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Please let me know how to get 'AA' 'BB' 'CC' from below query

declare
   type arrays1 is varray(3) of varchar2(30);
   a1 arrays1 := arrays1('A', 'B', 'C');
   type arrays2 is varray(3) of varchar2(30);
   a2 arrays2 := arrays2('A', 'B', 'C');
begin
   for i in 1..a1.count loop
      for j in 1..a2.count loop
         insert into dummy_insert  values(concat(a1(i),a2(j)));
         commit;
      end loop;
   end loop;
end;

Now I am getting 9 rows

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closed as not a real question by APC, JoseK, Florian Peschka, Ian, Sindre Sorhus Jun 24 '13 at 11:57

It's difficult to tell what is being asked here. This question is ambiguous, vague, incomplete, overly broad, or rhetorical and cannot be reasonably answered in its current form. For help clarifying this question so that it can be reopened, visit the help center.If this question can be reworded to fit the rules in the help center, please edit the question.

    
Don't yell. The title is already in bold and of a larger size. –  user529758 Jun 21 '13 at 8:23

2 Answers 2

up vote 0 down vote accepted

"Now I am getting 9 rows"

The outer loop steps through an array of three elements. The nested loop steps through an array of three elements for every element in the outer loop. 3 * 3 = 9.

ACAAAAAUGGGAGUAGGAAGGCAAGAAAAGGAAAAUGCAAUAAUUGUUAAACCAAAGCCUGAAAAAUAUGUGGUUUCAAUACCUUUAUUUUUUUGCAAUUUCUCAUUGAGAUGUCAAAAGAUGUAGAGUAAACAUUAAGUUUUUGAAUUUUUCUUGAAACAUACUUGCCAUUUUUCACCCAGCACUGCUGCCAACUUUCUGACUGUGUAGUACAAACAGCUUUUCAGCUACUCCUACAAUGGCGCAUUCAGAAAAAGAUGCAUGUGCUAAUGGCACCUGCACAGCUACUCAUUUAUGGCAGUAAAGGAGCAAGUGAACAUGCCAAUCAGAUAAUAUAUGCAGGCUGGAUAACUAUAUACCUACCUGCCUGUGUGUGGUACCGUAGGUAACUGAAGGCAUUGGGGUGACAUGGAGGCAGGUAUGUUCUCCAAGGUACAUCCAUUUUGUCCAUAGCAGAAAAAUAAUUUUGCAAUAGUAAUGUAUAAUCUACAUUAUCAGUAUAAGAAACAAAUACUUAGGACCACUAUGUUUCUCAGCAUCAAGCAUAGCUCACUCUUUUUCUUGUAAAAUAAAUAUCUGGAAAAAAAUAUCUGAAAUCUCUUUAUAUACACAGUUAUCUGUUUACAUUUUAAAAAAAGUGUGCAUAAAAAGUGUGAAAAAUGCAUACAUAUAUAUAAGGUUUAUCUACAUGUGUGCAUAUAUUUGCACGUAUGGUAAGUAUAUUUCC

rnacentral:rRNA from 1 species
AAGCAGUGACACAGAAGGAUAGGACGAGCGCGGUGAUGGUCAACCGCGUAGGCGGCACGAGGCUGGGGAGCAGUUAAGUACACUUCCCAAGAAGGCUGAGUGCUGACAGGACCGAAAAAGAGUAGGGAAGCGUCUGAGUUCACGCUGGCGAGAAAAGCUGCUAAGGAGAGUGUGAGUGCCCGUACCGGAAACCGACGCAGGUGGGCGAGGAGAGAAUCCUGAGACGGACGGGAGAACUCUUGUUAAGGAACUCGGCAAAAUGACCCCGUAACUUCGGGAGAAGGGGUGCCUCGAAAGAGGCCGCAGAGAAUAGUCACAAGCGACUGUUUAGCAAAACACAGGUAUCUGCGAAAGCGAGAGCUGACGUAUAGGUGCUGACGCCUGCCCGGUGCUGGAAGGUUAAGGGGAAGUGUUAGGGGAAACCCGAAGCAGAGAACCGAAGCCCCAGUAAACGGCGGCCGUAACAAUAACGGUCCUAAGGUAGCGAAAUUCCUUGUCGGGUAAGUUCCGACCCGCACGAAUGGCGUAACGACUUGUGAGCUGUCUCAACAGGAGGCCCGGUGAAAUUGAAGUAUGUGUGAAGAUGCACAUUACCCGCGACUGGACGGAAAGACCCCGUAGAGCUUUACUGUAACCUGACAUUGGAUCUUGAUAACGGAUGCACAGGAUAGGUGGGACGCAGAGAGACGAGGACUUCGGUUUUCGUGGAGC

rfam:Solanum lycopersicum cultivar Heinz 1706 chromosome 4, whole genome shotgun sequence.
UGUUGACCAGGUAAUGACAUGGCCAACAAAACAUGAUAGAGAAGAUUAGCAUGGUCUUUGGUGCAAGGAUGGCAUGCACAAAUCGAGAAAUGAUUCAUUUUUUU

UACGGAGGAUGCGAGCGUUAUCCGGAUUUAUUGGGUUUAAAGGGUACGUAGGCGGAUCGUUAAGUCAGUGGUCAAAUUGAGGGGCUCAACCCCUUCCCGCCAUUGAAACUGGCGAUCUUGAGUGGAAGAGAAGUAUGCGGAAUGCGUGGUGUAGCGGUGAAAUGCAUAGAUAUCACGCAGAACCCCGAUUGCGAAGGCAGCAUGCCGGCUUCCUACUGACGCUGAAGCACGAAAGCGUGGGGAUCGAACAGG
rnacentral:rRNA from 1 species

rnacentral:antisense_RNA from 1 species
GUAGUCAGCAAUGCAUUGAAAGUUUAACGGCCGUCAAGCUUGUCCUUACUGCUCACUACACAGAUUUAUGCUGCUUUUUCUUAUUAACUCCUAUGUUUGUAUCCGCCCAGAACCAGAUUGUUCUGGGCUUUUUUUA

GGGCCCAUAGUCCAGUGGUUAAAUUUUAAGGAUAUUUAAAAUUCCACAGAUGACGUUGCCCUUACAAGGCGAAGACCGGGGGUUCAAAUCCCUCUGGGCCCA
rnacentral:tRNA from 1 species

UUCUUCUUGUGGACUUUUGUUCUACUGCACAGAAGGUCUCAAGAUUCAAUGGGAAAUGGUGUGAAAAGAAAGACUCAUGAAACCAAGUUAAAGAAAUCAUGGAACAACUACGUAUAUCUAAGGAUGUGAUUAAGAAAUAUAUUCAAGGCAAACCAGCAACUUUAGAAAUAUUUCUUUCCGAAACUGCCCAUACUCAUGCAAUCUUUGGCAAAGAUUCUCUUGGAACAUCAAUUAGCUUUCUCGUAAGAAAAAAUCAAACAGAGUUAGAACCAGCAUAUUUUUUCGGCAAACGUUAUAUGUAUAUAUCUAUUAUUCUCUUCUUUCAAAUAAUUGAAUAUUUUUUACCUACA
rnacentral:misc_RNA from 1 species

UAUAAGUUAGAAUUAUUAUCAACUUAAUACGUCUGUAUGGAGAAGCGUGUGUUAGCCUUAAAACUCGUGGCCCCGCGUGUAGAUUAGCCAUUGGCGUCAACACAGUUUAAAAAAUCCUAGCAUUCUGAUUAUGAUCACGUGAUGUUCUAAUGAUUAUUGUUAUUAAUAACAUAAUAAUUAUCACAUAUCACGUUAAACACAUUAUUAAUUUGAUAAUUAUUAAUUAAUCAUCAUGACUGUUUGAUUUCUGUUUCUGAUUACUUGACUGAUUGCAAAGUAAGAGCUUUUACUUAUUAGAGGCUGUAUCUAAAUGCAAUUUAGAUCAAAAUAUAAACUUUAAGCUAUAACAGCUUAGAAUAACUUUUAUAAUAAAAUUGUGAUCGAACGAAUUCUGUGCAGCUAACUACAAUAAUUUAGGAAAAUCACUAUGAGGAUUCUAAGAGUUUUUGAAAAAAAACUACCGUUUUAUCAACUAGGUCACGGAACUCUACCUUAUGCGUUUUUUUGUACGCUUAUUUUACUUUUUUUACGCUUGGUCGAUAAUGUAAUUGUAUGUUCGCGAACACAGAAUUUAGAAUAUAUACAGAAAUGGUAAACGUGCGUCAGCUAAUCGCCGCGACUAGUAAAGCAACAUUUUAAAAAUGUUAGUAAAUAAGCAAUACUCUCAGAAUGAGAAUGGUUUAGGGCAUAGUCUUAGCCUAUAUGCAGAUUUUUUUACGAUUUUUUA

"how to get 'AA' 'BB' 'CC' from below query"

Apply Occam's razor and discard the inner loop:

declare
   type arrays1 is varray(3) of varchar2(30);
   a1 arrays1 := arrays1('A', 'B', 'C');
begin
   for i in 1..a1.count loop
         insert into dummy_insert  values(concat(a1(i),a1(i)));
   end loop;
   commit;
end;

Please note that committing inside loops is bad practice. Obviously it doesn't make any difference with a toy piece of code like this, but if we always do the right thing we won't do the wrong thing when it actually matters.

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1  
Did you mean concat(a1(i), a1(i))? –  Bob Jarvis Jun 21 '13 at 16:38
    
@BobJarvis - of course I meant that. Well spotted! –  APC Jun 22 '13 at 8:42
1  
You've removed the second array. If removing stuff like that is an acceptable answer, why not just change the entire code to begin insert into dummy_insert values ('AA'); insert into dummy_insert values ('BB'); insert into dummy_insert values ('CC'); commit; end; ... :) –  Jeffrey Kemp Jun 24 '13 at 4:41
    
@JeffreyKemp - frankly I agree with you, but I think it's a toy question. My assumption remains that the OP is learning about Arrays, and therefore my solution is valid (and the opening paragraph is even helpful) whereas a pure SQL solution would not be instructive. I suspect Alex's solution is more likely to have applications in the real world. –  APC Jun 24 '13 at 8:23

You could just test that the values are the same:

...
  for i in 1..a1.count loop
    for j in 1..a2.count loop
      if a1(i) = a2(j) then
        insert into dummy_insert values(concat(a1(i),a2(j)));
      end if;
    end loop;
  end loop;
...

(Seems kind of pointless, but without any idea what you real-world situation is it's hard to advise how to improve the logic.)

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